Obviously because they've been educated by Baby Boomers, who've had their pampered heads up their metaphorical fourth points of contact since the Boomers began gracing this world around May of 1946. And you can take it from us: that's the straight dope.
No, seriously, that's just opinion. Don't take it from us. But you see how it works, right?
MIT Technology Review has an essay by a Stanford undergraduate who's currently a research assistant at the Stanford Internet Observatory who has tried to understand why Internet users roughly between the ages of 8 and 24 believe so much manifest nonsense. Her identification of the manifest nonsense is sound, since much of it made predictions that events quickly falsified. She traces the susceptibility of Generation Z to hogwash to a tendency that generation has to "believe and pass on misinformation if they feel a sense of common identity with the person who shared it in the first place."
Her suggestions for a remedy include, roughly speaking, what would have once been regarded as authoritarian: "Policymakers must regulate social media platforms and pass laws to address online misinformation." She also suggests that "educators can teach students to assess the credibility of sources and their claims," so take that, Boomer.
It's an interesting essay, and it suggests that Francis Bacon's Four Idols might be revisited. A few questions suggest themselves. First, the delineation of "common identity" might be worth thinking through. Where are boundaries among communities to be drawn? Are there affinities among some of those communities? (The author's examples suggest this. It's not, for example, that Generation Xers who believed that frustrated supporters of Donald Trump would unleash a genocidal pogrom against "LGBT individuals and people of color" if the Democrats won the election were themselves LGBT individuals or persons of color, but rather that they were likely to know someone who was. As the author rightly notes, the murderous rampage never happened, and really was never particularly likely to happen in any case.) And second, is such identity-based gullibility characteristic of Generation Z, or simply characteristic of adolescence? Will it persist over time? And, finally, is indeed Generation Z any more gullible in such respects than other generations have been, and continue to be. If you think the Boomers are paragons of enlightened and world-weary skepticism, we could show you a pretty cage-full of counterexamples. A lot of them tend to post on NextDoor.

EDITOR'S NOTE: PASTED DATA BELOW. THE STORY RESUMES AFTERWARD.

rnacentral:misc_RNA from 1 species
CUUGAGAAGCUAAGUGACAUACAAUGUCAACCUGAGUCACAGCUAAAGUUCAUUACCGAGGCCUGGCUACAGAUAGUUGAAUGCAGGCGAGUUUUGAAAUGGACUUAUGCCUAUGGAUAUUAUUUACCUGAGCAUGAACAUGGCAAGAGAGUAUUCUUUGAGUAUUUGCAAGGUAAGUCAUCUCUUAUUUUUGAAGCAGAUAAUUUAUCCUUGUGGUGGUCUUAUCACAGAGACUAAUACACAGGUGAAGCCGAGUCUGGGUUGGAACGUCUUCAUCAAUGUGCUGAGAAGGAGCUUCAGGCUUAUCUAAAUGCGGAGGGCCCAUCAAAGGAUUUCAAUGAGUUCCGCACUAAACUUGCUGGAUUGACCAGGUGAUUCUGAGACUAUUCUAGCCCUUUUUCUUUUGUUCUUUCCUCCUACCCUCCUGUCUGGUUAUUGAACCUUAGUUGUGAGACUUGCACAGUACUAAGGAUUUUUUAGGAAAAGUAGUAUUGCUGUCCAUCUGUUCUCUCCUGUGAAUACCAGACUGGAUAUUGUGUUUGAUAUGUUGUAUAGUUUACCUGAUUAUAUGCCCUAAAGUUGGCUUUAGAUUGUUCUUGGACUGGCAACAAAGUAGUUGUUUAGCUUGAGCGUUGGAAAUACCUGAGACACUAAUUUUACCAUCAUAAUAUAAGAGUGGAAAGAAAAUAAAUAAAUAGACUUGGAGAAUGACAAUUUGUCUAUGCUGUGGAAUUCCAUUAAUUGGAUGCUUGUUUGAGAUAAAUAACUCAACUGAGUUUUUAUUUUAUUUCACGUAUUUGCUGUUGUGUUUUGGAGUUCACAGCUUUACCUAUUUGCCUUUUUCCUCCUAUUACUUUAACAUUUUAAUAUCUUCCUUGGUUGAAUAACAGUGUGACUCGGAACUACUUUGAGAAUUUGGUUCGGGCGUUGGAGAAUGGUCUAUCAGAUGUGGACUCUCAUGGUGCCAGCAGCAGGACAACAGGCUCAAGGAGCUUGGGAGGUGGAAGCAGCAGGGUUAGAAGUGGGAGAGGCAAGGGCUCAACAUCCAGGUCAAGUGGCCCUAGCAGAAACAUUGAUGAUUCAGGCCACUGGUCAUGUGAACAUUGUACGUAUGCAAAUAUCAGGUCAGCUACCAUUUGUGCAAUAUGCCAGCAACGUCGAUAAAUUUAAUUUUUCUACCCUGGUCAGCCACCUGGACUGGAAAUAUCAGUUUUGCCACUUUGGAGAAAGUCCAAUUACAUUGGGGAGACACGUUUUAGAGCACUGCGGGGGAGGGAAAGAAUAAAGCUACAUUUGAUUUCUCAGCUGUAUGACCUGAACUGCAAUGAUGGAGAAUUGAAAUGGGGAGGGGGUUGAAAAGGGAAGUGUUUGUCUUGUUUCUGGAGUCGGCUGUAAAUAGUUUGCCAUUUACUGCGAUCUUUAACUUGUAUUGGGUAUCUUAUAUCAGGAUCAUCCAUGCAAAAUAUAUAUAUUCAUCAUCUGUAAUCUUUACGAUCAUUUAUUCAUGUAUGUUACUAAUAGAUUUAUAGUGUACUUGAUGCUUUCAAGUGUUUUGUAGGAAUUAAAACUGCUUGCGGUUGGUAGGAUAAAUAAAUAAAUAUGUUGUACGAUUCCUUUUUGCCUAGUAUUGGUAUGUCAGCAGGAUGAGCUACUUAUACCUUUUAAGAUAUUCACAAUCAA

Facebook is worried you may be susceptible to extremism.
CNN reports that Facebook has begun, on an experimental basis, to query some users about whether someone they know seems to be turning into an "extremist." The social medium is also notifying other users that they may have been exposed to extremist content. A Facebook representative told CNN, "This test is part of our larger work to assess ways to provide resources and support to people on Facebook who may have engaged with or were exposed to extremist content, or may know someone who is at risk. We are partnering with NGOs and academic experts in this space and hope to have more to share in the future."
CNN's story doesn't include the working definition of "extremist" or "extremism" that Facebook is using, but it does reproduce some of the messaging Facebook is deploying. "Are you concerned that someone you know is becoming an extremist?" one alert said, going on to explain, "We care about preventing extremism on Facebook, Others in your situation have received confidential support."
Slippery slope arguments are always suspect, but this test does seem to have a foot on a banana peel that will slide the incautious toward "Are you now, or have you ever been, a member of the Communist Party?" Especially in the veiled suggestion that you might want to name names. The slippery slope, it's worth pointing out, is an informal fallacy, an unsound hypothetical syllogism. Which step here is the false premise?
WIRED has an unrelated essay that calls for an international effort on the part of democratic states to take control of internet governance and fight the malign influence of authoritarian regimes. It's a call for discussion, and not a set of policy prescriptions, but developing an effective response to the authoritarians that won't itself be authoritarian may prove challenging. Destroying the liberal order to preserve it isn't an option, as the authors recognize.